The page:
If you’re self-motivated, organised and need flexible hours, then a job as a cleaner could be perfect for you.
To land a job as a cleaner, your CV will need to show that you can work independently and methodically and have a keen eye for detail. Any cleaning experience or qualifications, such as COSSH, will also look great on your CV.
Whether you're looking to start your cleaner career or looking for a new challenge, our free CV template is tailored to ensure your CV stands out from the crowd.
A guide to writing a CV for a job as a Cleaner
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In the personal profile, you should professionally introduce yourself, in three or four sentences, with relation to the job you’re applying to.
Try to include: your current work situation, what type of work you are searching for (such as part-time, flexible hours, or full-time employment starting immediately) some key skills, traits or experience that will show the potential employer that you are a good candidate for the advertised job. So if you have cleaning experience, a driving licence or are DBS cleared, mention this here.
I am a hard-working and reliable individual with excellent attention to detail. I have three years of experience working as a cleaner, and I’m looking for a full-time role. I have a full, clean UK driving licence and DBS check.
The work history section shows the potential employer what jobs or work experience you’ve done. It is the first chance for you to highlight the skills and experience each job has given you, and this is turn should show why you are a good fit for the job you’re applying for. You don’t need to include every last detail, just pick the best parts. You can always write down and save your examples or other relevant skills for the interview.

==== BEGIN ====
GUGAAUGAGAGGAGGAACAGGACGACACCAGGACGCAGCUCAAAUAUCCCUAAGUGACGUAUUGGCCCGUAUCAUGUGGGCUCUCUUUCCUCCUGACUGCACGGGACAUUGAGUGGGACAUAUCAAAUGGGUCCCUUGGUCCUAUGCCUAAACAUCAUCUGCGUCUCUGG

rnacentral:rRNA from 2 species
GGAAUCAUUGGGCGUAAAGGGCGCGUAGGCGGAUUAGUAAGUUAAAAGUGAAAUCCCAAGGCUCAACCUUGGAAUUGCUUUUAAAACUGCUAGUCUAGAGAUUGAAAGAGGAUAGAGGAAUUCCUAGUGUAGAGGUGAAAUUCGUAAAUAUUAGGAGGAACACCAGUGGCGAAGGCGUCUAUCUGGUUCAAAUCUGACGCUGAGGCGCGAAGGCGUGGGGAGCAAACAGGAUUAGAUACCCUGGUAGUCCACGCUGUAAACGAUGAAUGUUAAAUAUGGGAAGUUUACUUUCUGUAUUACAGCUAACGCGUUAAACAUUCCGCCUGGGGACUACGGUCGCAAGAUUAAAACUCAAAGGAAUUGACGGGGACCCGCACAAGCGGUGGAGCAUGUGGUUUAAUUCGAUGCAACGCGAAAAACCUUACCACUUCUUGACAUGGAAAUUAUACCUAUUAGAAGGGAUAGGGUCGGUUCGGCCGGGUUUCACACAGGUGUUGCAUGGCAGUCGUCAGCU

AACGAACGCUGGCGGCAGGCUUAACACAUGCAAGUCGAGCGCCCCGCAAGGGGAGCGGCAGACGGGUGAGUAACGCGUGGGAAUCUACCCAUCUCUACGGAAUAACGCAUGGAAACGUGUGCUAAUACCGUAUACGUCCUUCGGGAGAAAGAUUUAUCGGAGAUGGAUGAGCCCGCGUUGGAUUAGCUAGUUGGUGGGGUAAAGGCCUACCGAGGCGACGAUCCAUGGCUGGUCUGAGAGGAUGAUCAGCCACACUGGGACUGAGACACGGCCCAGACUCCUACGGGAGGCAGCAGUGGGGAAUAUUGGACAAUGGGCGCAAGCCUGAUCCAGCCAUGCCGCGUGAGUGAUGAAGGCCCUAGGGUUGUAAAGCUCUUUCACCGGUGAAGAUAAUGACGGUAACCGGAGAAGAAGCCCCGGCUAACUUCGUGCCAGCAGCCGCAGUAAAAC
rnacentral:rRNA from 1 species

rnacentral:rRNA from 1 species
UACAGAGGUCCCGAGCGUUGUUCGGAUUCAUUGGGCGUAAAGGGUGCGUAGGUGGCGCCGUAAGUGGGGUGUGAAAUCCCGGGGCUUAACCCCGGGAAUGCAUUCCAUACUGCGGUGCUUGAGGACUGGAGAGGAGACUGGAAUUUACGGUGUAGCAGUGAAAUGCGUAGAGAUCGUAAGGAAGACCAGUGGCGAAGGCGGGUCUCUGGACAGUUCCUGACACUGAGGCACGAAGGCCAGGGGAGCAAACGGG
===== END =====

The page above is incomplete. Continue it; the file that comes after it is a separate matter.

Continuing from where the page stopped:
- Job title, name of employer, location, month and year started – present (or month and year that you left)
- Briefly list the duties you had, and skills you learned while working here. Choose skills or qualities that the employer has listed in their job description
- Cleaner, Nottingham High School, Nottingham, February 2017 – present
- Duties include vacuuming the floors, cleaning walls and windowsills, cleaning and restocking the bathrooms, weekly classroom cleans, stock takes and ordering products
What jobs should you include?
Try to include your work history for the last five years. If you have limited work experience, don't worry, it will be explained by the education history. If you have recently moved to the country, it’s okay to include employment in other countries. There is more advice on work and education history in our top tips online article.
- Any previous jobs you’ve has as a cleaner or other roles within the facilities management sector, will be useful to include here, as a lot of the skills will be relevant.
- If you have recently left education, or are new to this type of work, try to include any jobs you’ve had that will highlight the skills the employer is looking for. For example, if you have worked in hospitality, your job may have involved cleaning tables, bathrooms and customer areas, and ordering cleaning products, which are skills the employer will be looking for.
In education history, this is a chance to show any relevant training you have completed, what skills you have learned from your courses, as well as general education subjects you’ve passed. As you get more work experience, this section will become shorter, as your work history becomes more relevant and more recent